Review by Leslie Byron Pitt
Gabriel Ripstein’s minimalist 600 Miles has a naïve, young gun runner (Kristyan Ferrer) deciding that the best thing to do with an injured ATF agent (Tim Roth) is to take him hostage. It’s a novice mistake and one that many could only see happening in the fictional world that certain crime films inhabit. That said, one thing Ripstein’s feature does well, it is illustrating just how green the young lead of the story is. It’s a shame that little else holds much weight. Despite some wry observations, 600 Miles is a thriller that does little to thrill.
There’s a feeling that less is more here. The naturalistic cinematography, for instance, is often allowed to breathe with little in the way of edits or flashy angles to draw attention to itself. Snippets of dialogue hint at a disturbing reality. A youth wanders into a gun shop, strikes up a conversation about weaponary with the clerks and never once is his ages questioned. It’s only in the next moment when the same youth is purchasing cigarettes does an assistant ask for ID. It’s a small but troubling moment, which quietly suggests the ease in which crimes such as gun running take place. 600 Miles enjoys dropping these moments around its 85 minutes just to keep the mind ticking over.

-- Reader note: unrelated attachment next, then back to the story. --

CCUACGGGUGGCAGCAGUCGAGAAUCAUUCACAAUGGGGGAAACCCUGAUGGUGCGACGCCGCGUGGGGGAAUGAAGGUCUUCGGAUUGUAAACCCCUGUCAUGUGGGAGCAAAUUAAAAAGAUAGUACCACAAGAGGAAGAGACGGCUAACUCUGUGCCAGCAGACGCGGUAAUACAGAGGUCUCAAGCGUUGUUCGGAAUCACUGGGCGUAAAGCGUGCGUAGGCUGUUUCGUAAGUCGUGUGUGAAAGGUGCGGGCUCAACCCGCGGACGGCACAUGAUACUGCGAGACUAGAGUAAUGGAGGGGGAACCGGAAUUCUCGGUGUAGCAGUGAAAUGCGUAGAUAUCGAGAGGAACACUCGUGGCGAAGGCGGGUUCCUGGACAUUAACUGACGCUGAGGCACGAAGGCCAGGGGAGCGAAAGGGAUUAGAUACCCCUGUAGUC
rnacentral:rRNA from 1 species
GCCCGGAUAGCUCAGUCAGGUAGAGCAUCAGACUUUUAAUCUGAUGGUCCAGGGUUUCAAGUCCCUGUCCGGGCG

Besides this, however, 600 does little to get the juices flowing. A lot of this comes down to character decisions that occur later on within the narrative. Decisions that highlight that despite the solid efforts from both Roth and Ferrer (the latter doing a lot to carry the film), their characters lack a certain amount of definition. Ripstein’s screenplay does well for setting up the film’s apparently shocking minimalist climax, yet the characters suffer from a second act which holds interaction that is not only unappealing but also hard to swallow.
As the credits roll, 600 Miles again makes distinct suggestions about America’s position by the boarder. In the era of Trump and his idea of his great wall, Ripstein enjoys placing the message that the world is far more complicated than is suggested on mainstream television. Unfortunately, by this time, you could lose your nerve with the film’s turgid pace and dubious choices. At no point is 600 Miles is suggesting it needs the heft of a film like Sicario. However, despite some wry underhanded moves, it’s not suggesting much else either.
600 Miles is out on DVD now